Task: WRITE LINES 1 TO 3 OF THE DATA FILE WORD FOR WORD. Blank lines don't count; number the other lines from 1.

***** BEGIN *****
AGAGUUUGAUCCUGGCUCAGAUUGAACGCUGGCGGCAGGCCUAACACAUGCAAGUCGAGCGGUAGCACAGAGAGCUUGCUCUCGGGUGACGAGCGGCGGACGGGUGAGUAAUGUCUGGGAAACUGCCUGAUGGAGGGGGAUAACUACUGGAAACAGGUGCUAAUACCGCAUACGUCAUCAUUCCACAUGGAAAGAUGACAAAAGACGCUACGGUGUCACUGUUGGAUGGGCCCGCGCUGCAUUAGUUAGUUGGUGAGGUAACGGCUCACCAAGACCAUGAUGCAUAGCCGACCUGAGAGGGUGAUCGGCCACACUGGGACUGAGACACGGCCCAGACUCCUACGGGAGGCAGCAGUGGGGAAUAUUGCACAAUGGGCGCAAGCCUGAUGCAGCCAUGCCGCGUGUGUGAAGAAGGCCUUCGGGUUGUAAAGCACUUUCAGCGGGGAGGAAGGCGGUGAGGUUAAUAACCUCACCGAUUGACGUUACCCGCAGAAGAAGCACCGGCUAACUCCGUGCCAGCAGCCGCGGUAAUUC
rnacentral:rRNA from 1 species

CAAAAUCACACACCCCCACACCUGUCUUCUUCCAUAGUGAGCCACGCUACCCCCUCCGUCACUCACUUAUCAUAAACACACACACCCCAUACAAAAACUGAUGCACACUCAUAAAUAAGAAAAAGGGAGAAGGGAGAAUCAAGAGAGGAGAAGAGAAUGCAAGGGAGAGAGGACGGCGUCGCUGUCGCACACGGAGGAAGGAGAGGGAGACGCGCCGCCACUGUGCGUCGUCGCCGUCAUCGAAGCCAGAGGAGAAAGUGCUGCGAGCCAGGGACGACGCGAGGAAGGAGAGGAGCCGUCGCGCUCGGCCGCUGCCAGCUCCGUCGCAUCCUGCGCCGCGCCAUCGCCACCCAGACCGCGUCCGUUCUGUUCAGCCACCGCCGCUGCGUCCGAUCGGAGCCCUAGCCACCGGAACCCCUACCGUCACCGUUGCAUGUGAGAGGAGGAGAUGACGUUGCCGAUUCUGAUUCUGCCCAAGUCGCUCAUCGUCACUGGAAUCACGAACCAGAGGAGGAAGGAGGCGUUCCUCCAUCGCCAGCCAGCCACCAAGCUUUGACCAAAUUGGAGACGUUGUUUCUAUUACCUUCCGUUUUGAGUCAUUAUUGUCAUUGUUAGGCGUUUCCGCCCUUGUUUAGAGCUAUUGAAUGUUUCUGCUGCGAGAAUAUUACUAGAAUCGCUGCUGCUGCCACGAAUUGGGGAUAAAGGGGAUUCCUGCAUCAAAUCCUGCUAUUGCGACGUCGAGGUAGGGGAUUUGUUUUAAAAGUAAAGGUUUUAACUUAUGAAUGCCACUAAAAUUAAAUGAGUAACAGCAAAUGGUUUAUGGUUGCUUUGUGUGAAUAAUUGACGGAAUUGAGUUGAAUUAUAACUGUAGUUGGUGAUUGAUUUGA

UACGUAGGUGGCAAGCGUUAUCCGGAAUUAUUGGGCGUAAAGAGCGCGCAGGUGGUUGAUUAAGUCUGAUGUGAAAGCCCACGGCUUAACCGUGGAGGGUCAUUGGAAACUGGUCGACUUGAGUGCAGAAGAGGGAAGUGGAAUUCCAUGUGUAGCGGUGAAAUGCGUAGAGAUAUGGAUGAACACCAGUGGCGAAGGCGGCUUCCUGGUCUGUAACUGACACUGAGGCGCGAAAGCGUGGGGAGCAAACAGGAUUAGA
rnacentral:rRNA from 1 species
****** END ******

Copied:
AGAGUUUGAUCCUGGCUCAGAUUGAACGCUGGCGGCAGGCCUAACACAUGCAAGUCGAGCGGUAGCACAGAGAGCUUGCUCUCGGGUGACGAGCGGCGGACGGGUGAGUAAUGUCUGGGAAACUGCCUGAUGGAGGGGGAUAACUACUGGAAACAGGUGCUAAUACCGCAUACGUCAUCAUUCCACAUGGAAAGAUGACAAAAGACGCUACGGUGUCACUGUUGGAUGGGCCCGCGCUGCAUUAGUUAGUUGGUGAGGUAACGGCUCACCAAGACCAUGAUGCAUAGCCGACCUGAGAGGGUGAUCGGCCACACUGGGACUGAGACACGGCCCAGACUCCUACGGGAGGCAGCAGUGGGGAAUAUUGCACAAUGGGCGCAAGCCUGAUGCAGCCAUGCCGCGUGUGUGAAGAAGGCCUUCGGGUUGUAAAGCACUUUCAGCGGGGAGGAAGGCGGUGAGGUUAAUAACCUCACCGAUUGACGUUACCCGCAGAAGAAGCACCGGCUAACUCCGUGCCAGCAGCCGCGGUAAUUC
rnacentral:rRNA from 1 species

CAAAAUCACACACCCCCACACCUGUCUUCUUCCAUAGUGAGCCACGCUACCCCCUCCGUCACUCACUUAUCAUAAACACACACACCCCAUACAAAAACUGAUGCACACUCAUAAAUAAGAAAAAGGGAGAAGGGAGAAUCAAGAGAGGAGAAGAGAAUGCAAGGGAGAGAGGACGGCGUCGCUGUCGCACACGGAGGAAGGAGAGGGAGACGCGCCGCCACUGUGCGUCGUCGCCGUCAUCGAAGCCAGAGGAGAAAGUGCUGCGAGCCAGGGACGACGCGAGGAAGGAGAGGAGCCGUCGCGCUCGGCCGCUGCCAGCUCCGUCGCAUCCUGCGCCGCGCCAUCGCCACCCAGACCGCGUCCGUUCUGUUCAGCCACCGCCGCUGCGUCCGAUCGGAGCCCUAGCCACCGGAACCCCUACCGUCACCGUUGCAUGUGAGAGGAGGAGAUGACGUUGCCGAUUCUGAUUCUGCCCAAGUCGCUCAUCGUCACUGGAAUCACGAACCAGAGGAGGAAGGAGGCGUUCCUCCAUCGCCAGCCAGCCACCAAGCUUUGACCAAAUUGGAGACGUUGUUUCUAUUACCUUCCGUUUUGAGUCAUUAUUGUCAUUGUUAGGCGUUUCCGCCCUUGUUUAGAGCUAUUGAAUGUUUCUGCUGCGAGAAUAUUACUAGAAUCGCUGCUGCUGCCACGAAUUGGGGAUAAAGGGGAUUCCUGCAUCAAAUCCUGCUAUUGCGACGUCGAGGUAGGGGAUUUGUUUUAAAAGUAAAGGUUUUAACUUAUGAAUGCCACUAAAAUUAAAUGAGUAACAGCAAAUGGUUUAUGGUUGCUUUGUGUGAAUAAUUGACGGAAUUGAGUUGAAUUAUAACUGUAGUUGGUGAUUGAUUUGA